Peter Sagan closes the gap but Sam Bennett stays in the green

Irish rider retains green jersey lead as Soren Kragh Andersen swoops to Stage 14 victory

A battle unquestionably won by Peter Sagan, Sam Bennett is still winning the war for the green jersey after what proved a proper rollercoaster of a stage before the grand finale in the city of Lyon.

As an exercise in damage limitation too it just about worked out in Bennett’s favour, although Sagan hasn’t yet surrendered.

Two testing climbs in the first half of the 197km from Clermont-Ferrand to Lyon eventually split the peloton in two, Soren Kragh Andersen from Denmark riding off the front of the lead group with just over 2km to go take his first Tour de France stage win - and a second for Team Sunweb in this year's race - while Sagan chased the maximum points of what remained.

Clearly a little worn by his earlier efforts, Sagan took fourth - and with that clawed just 18 points back on Bennett, having earlier gained another five points back at the intermediate sprint - making it 23 points for the day. It could have been more worrying for Bennett; the stage win, somehow deemed “flat”, was worth 50 points, with 30 for second, 20 third.


Bennett and his Deceuninck-Quick Step team had tried hard to keep the distance on the first group to a minimum for as long as possible, before surrendering with the gap already at two minutes with some 77km still to ride. Bennett’s effort done for the day, he rolled home in the second main group that finished 19 minutes and 48 seconds behind, in 106th place.

Having started the stage 66 points ahead of his Slovak rival, and with neither rider in contention for any intermediate or finish points on Friday, Sagan now closes to gap to 43 points, 262 to 219, which will certainly keep things interesting all the way Paris, next Friday’s relatively flat stage looking increasingly pivotal.

Sagan’s Bora-Hansgrohe team rode at the front for a lot of the stage, putting pressure on Deceuninck-Quick Step almost from the go. At the first big climb at the Col du Béal, about a third of the way through, Bennett started to waver, and despite the near full support of his team, just didn’t have the legs to limit the gap.

Inside the 40km, which included a pair of lumpy fourth-category climbs to get over, the Duchere and then then Côte de la Croix-Rousse, located 4.5km from the finish, it seemed Sagan was intent for the stage win, before Kragh Andersen made his decisive move, and did Bennett a small favour too.

Once approaching Lyon, where the Rhône and the Saône converge, Team Jumbo-Visma rode at the front too, helping Primoz Roglic retain his yellow jersey, ahead of his fellow Slovenian rider Tadej Pogacar (UAE Team Emirates). Roglic still leads the overall race by 44 seconds from Pogacar, with Bernard Bernal third, 59 seconds behind.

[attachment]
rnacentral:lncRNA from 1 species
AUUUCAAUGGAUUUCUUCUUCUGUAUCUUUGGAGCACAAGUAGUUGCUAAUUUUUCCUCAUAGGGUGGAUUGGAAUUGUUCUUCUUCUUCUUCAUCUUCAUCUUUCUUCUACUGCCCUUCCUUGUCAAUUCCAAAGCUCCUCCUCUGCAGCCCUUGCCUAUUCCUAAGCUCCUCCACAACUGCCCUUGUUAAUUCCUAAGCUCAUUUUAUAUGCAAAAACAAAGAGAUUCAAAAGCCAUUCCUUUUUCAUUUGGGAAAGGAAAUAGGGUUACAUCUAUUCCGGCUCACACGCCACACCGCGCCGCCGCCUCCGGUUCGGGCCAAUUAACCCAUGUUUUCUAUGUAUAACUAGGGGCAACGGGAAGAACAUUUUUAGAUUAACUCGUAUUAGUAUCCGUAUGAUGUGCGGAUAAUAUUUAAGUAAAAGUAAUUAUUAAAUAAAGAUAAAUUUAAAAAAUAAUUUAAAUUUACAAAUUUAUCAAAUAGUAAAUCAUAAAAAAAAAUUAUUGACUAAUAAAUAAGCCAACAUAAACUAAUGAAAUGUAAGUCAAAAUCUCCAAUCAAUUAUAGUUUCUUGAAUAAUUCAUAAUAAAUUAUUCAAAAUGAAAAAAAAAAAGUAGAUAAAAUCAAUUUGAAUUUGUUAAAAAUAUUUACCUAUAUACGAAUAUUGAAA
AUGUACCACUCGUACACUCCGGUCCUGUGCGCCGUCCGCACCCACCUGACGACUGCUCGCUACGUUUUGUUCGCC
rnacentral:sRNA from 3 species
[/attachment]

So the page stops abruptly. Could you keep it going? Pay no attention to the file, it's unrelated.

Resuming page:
Dan Martin, after his excellent 11th place effort on Friday, finished the day in 67th, in the group 5:42 behind, while Nicolas Roche finished in 89th, in the small group that finished 8:53 behind, his day still memorable for the second stage win of a team mate.

At intermediate sprint at Courpière, after 38km, Sagan got the jump on Bennett to take 15 points in third, while Bennett got 10 points for sixth. It means he will wear the green jersey for the eighth stage of this year’s race on Sunday, the 175km from Lyon to Grand Colombier, which has one of the toughest uphill finishes of the Tour on a super-steep climb in the southern Jura.

The day was marked by another withdrawal by Pierre Latour from AG2R-La Mondiale, who was dropped from the bunch along with the sprinters up to Col du Béal. On Friday, his AG2R-La Mondiale team mate Romain Bardet did manage to finish after his crash, but later withdrew from the race after suffering a concussion.

The 29-year-old also took to Instagram on Saturday afternoon to update on his condition, saying that he had been to hospital for an MRI scan after suffering from headache and nausea and that scan revealed what he described as a “small brain haemorrhage”. The French rider doesn’t abandon easily, having finished 675 of his 680 pro races.

Sunday’s Stage 15 also moves back into a coronavirus ‘red zone’ where mass gatherings are restricted, and no fans will be allowed at the top of the Col du Grand Colombier, or 400 metres from the line and 300 metres after the line.

French administrative regions, known as departments, are classified as red zones when the spread of Covid-19 infections is high, with more than 50 new cases recorded per 100,000 inhabitants in the last seven days. The number of new, confirmed Covid-19 cases in France rose by 9,406 on Friday to stand at a total of 363,350.

Ian O'Riordan

Ian O'Riordan

Ian O'Riordan is an Irish Times sports journalist writing on athletics